Maasai Mara: Scavengers -- Essential to an ecosystem

September 06, 2016  •  Leave a Comment

Scavengers, useful in all ecosystems, are especially important in the Maasai Mara. With the many dead animals from river crossings or predator kills, scavengers help to clean disease-causing carcasses from the environment. Vulture stomach acid is particularly corrosive and allows the birds to safely digest putrid carcasses that might be lethal to other scavengers.

The characteristic bald head of vultures (and Marabou storks) historically thought to be a mechanism to keep the head of these birds free from bacteria, also plays a role in thermo-regulation.

Vultures have an interesting variety of collective nouns. A group of vultures feeding on a carcass is called a wake; in flight, a kettle; and roosting in trees or gathered on a termite mound, a committee, venue or volt.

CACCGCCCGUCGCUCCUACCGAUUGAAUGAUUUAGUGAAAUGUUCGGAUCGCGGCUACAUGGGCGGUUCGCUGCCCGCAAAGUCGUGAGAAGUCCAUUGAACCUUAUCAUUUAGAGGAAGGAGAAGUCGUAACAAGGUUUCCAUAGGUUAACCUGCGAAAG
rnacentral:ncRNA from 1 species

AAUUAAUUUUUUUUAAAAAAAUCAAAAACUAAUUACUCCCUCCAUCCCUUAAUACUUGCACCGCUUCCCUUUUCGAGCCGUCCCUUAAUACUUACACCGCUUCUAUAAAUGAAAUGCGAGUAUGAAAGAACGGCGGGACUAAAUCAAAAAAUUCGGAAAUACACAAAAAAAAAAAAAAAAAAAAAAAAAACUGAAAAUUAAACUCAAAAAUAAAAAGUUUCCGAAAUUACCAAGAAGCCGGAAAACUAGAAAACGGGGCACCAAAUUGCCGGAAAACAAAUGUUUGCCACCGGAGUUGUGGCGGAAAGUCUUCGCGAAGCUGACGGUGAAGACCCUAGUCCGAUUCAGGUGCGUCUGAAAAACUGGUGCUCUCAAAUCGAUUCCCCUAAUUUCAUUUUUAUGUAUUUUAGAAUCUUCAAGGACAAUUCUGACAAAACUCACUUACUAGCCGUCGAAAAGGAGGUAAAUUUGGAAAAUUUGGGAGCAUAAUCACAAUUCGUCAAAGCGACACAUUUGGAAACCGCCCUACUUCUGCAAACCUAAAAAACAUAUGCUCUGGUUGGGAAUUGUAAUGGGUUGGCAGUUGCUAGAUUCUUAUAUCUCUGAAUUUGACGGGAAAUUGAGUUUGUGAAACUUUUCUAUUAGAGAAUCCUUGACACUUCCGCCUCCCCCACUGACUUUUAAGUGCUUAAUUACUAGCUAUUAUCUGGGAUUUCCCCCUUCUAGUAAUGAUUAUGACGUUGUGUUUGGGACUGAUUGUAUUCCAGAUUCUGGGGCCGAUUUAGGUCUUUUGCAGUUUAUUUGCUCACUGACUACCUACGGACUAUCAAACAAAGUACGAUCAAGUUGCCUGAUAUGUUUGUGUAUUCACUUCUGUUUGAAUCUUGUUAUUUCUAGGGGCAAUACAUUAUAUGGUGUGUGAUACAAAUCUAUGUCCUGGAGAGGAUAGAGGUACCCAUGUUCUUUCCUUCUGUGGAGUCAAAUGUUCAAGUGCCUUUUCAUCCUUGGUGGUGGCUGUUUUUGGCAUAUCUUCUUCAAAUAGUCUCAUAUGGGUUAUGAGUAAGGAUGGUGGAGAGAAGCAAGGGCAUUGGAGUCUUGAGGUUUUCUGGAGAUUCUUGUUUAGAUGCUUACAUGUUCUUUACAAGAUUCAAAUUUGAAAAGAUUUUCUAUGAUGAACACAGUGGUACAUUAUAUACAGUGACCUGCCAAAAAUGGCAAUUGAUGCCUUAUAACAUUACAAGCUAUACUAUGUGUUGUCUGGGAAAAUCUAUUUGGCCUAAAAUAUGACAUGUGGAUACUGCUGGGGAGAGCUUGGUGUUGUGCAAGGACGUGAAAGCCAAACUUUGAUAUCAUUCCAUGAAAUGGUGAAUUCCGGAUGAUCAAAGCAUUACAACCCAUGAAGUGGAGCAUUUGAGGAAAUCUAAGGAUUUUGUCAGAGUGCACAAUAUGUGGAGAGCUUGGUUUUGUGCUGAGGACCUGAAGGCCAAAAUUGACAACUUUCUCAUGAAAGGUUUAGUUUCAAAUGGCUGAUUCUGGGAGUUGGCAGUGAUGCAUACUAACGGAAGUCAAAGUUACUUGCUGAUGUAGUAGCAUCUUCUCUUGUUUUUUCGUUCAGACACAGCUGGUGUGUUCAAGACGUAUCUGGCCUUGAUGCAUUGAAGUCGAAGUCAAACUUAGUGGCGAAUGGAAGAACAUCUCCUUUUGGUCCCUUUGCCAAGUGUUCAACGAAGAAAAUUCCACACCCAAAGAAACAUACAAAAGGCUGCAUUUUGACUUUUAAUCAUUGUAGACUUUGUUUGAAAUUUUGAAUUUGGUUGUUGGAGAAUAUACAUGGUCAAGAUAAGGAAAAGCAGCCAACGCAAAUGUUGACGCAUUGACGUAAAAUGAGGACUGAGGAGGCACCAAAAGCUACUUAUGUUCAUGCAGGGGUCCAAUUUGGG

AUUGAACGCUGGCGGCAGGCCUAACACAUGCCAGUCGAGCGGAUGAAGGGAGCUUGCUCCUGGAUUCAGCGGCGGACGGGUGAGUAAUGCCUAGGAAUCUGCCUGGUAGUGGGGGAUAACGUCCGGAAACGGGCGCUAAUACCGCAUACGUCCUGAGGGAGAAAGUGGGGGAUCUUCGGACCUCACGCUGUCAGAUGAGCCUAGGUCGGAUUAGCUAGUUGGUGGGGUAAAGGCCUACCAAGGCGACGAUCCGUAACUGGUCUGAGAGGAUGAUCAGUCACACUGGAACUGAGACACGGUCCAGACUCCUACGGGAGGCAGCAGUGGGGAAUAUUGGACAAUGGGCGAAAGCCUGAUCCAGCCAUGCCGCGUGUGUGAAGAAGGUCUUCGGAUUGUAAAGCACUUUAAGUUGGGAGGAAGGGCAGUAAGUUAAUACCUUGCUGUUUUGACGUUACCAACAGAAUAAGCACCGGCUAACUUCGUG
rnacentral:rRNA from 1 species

Here, a wake of vultures is joined by a Marabou Stork.

Vultures and Marabou Stork compete for wildebeest carcass, MaasaVultures and Marabou Stork compete for wildebeest carcass, MaasaWhite-backed and Ruppell's Griffon Vultures and Marabou Stork feeding on wildebeest carcass, Maasai Mara Below, a mixed group of vultures (Lappet-faced, larger, darker, and with red head and neck; Ruppell's Griffon, light-colored beak; and White-backed, dark beak) rest after feeding on a carcass.  You might call this a post-wake venue of vultures.

A mixed-group of vultures rest on a termite mound after feeding on a carcass.

While not unusual to see groups of vultures gathering on the ground near carcasses, it was surprising to see them, along with a Marabou stork, feeding on carcasses in the Mara River.

White-backed Vultures cleaning up the river, Maasai MaraWhite-backed Vultures cleaning up the river, Maasai MaraWhite-backed Vulture struggles for balance on wildebeest carcass in the Mara River

A White-backed Vulture in flight, coming in to join a wake -- I couldn't zoom fast enough to capture the entire bird with its large wing-span.

Too much zoom!Too much zoom!White-backed Vulture in flight, Maasai Mara, Kenya


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